Page 190 - WaterSense at Work

WaterSense at Work: Best Management Practices for Commercial and Institutional Facilities
Single-pass or once-through cooling systems use water to remove heat and cool
equipment components. After water is passed once through a coil within or casing
around a piece of equipment, the water is discharged to the sewer. Types of equip-
ment that use single-pass cooling include:
Point-of-use chillers or other refrigeration systems
Air compressors
Air conditioners
Hydraulic equipment
CAT scanners
Welding machines
Vacuum pumps
X-ray equipment
Ice machines
Wok stoves
Vacuum pumps, X-ray equipment, ice machines, and wok stoves use water for pro-
cesses in addition to the water used for single-pass cooling. Such equipment and its
associated water use, apart from single-pass cooling, are discussed in other sections
WaterSense at Work
Eliminating single-pass cooling offers a significant opportunity for water savings.
Single-pass systems use approximately 40 times more water to remove the same
heat load than a cooling tower operating at five cycles of concentration.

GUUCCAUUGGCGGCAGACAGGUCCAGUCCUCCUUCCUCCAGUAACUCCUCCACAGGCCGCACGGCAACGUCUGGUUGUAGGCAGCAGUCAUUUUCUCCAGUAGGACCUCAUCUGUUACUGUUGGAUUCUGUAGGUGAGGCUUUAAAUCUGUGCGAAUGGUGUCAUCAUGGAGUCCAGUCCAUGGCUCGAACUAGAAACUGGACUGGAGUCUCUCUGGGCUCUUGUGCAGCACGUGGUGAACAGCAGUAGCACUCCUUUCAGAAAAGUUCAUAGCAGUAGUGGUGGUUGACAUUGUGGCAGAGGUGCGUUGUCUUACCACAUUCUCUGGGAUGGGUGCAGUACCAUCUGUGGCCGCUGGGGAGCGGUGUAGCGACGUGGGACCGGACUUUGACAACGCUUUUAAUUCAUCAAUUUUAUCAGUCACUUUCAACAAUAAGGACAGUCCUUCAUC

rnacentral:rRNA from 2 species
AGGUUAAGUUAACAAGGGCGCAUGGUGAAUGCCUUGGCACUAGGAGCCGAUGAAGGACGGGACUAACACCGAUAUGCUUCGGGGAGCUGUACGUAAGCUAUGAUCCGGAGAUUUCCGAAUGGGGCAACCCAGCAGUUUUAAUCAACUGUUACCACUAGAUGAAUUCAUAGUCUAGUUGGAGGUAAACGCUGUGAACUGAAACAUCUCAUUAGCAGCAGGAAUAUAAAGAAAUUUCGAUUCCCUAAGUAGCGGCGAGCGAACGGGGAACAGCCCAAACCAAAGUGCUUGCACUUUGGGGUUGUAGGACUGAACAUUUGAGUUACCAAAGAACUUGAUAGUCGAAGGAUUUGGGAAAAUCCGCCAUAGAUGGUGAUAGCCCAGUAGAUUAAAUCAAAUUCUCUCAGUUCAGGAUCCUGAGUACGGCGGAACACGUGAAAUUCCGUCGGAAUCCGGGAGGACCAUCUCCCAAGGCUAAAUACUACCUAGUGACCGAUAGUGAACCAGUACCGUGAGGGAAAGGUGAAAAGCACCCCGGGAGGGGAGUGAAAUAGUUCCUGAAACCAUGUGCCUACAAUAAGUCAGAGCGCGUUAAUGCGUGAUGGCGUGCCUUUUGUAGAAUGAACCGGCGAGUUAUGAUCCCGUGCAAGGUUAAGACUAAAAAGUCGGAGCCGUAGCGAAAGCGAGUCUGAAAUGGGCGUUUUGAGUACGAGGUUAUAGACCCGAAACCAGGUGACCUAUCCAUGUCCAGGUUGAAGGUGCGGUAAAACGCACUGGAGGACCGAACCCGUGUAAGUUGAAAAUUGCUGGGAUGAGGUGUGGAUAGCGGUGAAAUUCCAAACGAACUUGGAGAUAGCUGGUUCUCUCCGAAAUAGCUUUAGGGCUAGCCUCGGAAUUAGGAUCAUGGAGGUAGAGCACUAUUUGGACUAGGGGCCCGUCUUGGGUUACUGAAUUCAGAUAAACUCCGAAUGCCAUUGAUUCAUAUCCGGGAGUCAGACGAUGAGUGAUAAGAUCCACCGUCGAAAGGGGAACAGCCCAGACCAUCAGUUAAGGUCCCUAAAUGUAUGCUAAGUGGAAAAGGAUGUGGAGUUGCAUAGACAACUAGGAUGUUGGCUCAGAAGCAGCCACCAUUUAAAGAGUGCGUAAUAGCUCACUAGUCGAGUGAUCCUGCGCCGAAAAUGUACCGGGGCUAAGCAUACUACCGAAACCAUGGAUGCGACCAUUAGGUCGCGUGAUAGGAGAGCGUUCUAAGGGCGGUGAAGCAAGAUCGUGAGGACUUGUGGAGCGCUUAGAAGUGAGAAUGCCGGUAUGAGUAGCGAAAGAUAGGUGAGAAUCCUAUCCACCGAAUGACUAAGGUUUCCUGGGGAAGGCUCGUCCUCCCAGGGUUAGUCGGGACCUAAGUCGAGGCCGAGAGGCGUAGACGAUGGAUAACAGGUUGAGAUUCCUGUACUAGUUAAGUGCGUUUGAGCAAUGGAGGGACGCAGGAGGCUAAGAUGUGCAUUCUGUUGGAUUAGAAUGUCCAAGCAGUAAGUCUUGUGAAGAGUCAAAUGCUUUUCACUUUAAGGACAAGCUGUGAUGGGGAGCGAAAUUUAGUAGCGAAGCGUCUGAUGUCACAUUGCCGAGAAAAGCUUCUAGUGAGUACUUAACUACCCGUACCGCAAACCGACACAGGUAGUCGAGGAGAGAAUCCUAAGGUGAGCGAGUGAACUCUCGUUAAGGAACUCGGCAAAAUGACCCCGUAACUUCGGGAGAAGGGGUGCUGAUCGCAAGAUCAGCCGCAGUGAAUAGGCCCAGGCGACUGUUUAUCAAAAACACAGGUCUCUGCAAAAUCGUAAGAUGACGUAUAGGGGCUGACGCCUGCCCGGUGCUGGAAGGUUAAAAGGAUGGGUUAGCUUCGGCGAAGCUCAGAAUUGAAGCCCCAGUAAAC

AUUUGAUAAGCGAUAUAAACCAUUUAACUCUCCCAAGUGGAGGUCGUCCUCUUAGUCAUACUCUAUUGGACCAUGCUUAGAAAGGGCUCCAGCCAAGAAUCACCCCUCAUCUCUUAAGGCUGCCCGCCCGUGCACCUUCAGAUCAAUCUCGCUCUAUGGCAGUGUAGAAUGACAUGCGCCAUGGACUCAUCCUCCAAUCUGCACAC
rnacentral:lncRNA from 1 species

Many types
of equipment cooled with single-pass water can be replaced with air-cooled systems.
For equipment that requires cooling with water, installing an air-cooled, point-of-
use chiller or converting to a recirculating water system that makes use of a process
water chiller and/or a cooling tower will eliminate single-pass cooling.
The International Association of Plumbing and Mechanical Officials
Plumbing & Mechanical Code Supplement
which establishes requirements for green
building and water efficiency applicable to plumbing, prohibits the use of single-
pass cooling. The American Society of Heating, Refrigerating, and Air Conditioning
Engineers (ASHRAE)
Standard for the Design of High-Performance, Green Buildings
Except Low-Rise Residential Buildings
ASHRAE Standard 189.1) also prohibits the use
of single-pass cooling.
Single-Pass Cooling
U.S. Environmental Protection Agency and U.S. Energy Department, Energy Efficiency & Renewable Energy, Federal Energy Management Program. May 2005.
Laboratories for the 21st Century: Best Practices, Water Efficiency Guide for Laboratories
Page 4.